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Francisco Colino, John De Grosbois, Gavin Buckingham, Matthew Heath, Gordon Binsted; Rapid Visuomotor Integration of flanking valenced objects. Journal of Vision 2010;10(7):1060. doi: https://doi.org/10.1167/10.7.1060.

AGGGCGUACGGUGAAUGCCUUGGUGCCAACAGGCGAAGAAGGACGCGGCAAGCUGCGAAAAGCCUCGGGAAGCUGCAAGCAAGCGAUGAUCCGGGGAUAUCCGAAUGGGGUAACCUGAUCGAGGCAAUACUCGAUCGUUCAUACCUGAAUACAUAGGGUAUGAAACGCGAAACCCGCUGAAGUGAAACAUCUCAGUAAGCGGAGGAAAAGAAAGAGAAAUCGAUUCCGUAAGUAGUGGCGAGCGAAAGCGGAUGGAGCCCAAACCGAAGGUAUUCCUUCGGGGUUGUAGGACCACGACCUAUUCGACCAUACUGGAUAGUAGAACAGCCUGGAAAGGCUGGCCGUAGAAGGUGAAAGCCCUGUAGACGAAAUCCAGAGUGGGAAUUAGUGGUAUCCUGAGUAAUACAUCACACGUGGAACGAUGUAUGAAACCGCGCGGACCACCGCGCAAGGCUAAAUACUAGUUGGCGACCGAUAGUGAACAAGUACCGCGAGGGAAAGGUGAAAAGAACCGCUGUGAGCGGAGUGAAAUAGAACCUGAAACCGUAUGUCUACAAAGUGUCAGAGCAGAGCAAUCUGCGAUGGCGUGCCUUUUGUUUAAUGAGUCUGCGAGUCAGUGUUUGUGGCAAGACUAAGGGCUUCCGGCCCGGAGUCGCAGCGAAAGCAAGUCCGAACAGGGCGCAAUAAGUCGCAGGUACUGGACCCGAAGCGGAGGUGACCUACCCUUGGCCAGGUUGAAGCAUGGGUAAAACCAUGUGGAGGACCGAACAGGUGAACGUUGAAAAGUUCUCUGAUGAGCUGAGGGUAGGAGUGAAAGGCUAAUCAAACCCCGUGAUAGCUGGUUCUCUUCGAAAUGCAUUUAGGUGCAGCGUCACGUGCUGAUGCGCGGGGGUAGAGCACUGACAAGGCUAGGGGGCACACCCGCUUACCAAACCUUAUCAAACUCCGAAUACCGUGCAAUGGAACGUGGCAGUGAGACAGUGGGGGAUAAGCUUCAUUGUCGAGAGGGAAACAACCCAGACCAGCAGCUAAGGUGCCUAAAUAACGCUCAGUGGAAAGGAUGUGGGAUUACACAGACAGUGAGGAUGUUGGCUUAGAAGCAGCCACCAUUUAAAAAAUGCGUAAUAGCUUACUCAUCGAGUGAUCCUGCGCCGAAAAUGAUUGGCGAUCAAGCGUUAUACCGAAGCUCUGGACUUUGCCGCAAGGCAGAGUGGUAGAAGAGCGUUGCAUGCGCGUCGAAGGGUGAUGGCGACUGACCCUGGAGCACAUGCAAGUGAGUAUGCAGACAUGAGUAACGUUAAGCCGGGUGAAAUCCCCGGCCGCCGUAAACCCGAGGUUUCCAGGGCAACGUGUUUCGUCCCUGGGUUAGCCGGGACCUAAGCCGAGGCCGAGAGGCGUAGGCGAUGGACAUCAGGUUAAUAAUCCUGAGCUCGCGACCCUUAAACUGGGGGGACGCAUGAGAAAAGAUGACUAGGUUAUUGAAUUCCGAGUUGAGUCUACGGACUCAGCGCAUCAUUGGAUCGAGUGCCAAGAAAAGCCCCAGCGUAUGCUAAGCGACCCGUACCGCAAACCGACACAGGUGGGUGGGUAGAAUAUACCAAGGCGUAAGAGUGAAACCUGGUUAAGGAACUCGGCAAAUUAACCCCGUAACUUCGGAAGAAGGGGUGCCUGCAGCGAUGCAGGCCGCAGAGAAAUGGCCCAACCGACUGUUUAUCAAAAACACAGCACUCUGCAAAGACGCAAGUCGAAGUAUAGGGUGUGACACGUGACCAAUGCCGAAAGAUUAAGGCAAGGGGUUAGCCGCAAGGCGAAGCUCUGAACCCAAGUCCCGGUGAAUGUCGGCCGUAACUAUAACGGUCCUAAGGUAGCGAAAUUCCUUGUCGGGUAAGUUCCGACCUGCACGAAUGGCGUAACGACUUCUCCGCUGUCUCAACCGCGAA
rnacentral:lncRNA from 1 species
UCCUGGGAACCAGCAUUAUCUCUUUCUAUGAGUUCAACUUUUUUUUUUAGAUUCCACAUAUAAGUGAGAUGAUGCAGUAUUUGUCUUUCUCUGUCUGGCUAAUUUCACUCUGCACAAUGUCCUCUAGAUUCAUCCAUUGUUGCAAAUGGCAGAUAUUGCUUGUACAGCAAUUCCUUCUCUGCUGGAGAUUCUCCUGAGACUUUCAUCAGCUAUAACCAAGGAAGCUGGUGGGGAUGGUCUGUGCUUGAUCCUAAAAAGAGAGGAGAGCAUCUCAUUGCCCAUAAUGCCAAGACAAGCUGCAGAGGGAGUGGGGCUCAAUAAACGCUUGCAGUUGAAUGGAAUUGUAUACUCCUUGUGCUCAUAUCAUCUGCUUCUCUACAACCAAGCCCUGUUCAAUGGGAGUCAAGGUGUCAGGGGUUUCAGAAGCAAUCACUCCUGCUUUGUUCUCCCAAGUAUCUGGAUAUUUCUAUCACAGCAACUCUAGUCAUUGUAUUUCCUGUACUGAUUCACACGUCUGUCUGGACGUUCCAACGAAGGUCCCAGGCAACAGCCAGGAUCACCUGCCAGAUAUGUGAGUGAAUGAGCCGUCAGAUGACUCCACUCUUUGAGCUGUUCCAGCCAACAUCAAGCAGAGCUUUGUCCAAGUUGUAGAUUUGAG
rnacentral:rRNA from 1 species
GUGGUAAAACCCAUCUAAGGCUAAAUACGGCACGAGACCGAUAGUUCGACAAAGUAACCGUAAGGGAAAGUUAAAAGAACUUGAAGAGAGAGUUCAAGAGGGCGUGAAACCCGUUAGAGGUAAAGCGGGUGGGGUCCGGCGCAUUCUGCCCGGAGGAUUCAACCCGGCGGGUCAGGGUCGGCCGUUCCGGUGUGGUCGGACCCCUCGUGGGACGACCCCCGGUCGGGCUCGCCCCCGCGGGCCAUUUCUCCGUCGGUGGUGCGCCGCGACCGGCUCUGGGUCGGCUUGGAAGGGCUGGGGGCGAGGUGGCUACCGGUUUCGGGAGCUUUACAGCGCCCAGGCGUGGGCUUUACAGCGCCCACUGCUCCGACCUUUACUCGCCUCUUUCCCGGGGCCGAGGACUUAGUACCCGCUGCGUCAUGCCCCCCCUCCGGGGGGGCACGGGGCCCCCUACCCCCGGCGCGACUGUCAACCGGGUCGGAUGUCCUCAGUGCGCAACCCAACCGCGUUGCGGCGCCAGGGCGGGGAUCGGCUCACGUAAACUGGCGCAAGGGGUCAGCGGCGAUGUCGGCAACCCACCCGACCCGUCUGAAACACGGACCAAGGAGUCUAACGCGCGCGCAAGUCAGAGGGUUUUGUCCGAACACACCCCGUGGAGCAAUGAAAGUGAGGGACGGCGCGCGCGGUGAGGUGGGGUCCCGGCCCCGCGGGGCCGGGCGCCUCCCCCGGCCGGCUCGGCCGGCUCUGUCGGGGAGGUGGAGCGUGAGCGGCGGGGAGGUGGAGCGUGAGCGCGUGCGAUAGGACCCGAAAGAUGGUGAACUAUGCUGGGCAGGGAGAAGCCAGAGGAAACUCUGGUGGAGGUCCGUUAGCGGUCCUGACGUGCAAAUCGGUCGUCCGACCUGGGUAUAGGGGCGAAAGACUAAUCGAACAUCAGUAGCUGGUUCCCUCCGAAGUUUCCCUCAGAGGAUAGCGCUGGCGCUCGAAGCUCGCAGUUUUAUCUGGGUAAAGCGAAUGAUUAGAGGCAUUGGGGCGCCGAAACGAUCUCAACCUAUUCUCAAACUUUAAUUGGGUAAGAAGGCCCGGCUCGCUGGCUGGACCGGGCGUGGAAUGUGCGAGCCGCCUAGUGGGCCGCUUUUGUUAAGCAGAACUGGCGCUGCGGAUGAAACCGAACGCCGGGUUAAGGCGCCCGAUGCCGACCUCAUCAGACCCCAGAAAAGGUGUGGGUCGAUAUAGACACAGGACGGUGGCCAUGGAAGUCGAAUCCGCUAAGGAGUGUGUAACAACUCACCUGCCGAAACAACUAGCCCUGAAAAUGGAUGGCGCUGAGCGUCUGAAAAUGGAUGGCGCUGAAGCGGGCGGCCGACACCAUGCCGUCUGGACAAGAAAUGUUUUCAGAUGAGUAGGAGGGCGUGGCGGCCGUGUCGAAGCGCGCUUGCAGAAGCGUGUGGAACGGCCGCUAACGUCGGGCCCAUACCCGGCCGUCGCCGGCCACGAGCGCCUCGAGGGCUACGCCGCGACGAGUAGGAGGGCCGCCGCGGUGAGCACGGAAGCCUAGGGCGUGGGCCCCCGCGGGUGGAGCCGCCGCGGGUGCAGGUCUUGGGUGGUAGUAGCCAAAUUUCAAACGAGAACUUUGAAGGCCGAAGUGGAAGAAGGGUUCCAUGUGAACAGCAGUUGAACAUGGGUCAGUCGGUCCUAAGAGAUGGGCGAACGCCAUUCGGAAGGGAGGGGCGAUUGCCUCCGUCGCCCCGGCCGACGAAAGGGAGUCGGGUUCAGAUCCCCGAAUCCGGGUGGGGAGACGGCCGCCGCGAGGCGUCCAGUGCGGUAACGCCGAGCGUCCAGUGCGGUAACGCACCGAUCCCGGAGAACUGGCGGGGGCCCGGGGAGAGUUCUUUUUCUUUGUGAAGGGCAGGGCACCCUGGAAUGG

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Significant neurobehavioral evidence suggests a discrete segregation between the pathways associated with visual perception (i.e., ventral projections) and those ascribed visuo-motor functions (i.e., dorsal projections; in humans, see Milner & Goodale 2008; in non-human primates see Ungerleider & Mishkin 1982). In general the dorsal stream appears to be specialized for processing veridical and egocentrically coded cues in a fashion that is independent of conscious awareness (e.g., Binsted et al. 2007). Conversely, the ventral stream considers the relational characteristics of visual objects and scenes to arrive at a richly detailed percept. However, demonstrations of dorsal insensitivity to perceptually driven object features have failed to address valence as an action moderator despite its apparent evolutionary relevance. Moreover, valenced cues have been observed to modify motor behavior in non-human primates (fear conditioning; Mineka et al. 1984). Thus, it follows that the human visuo-motor system should rapidly integrate abstract scene cues (e.g., valence) to reach a goal while avoiding potential dangers (e.g., predation). To examine this we asked participants to point to visual targets that were randomly flanked by valenced images chosen from the International Affective Picture System (IAPS: e.g., bear cub, gun). All pointing movements had 50 cm amplitude; the target was withdrawn upon movement initiation while the valenced flanker remained. Participant endpoint position was driven towards negatively valenced objects and driven away from positively valenced objects. Thus, it appears the visuomotor system does not restrict its visual set. Rather, it appears to rapidly integrate perceptual interpretations of abstract and contextual cues for movement adaptation.
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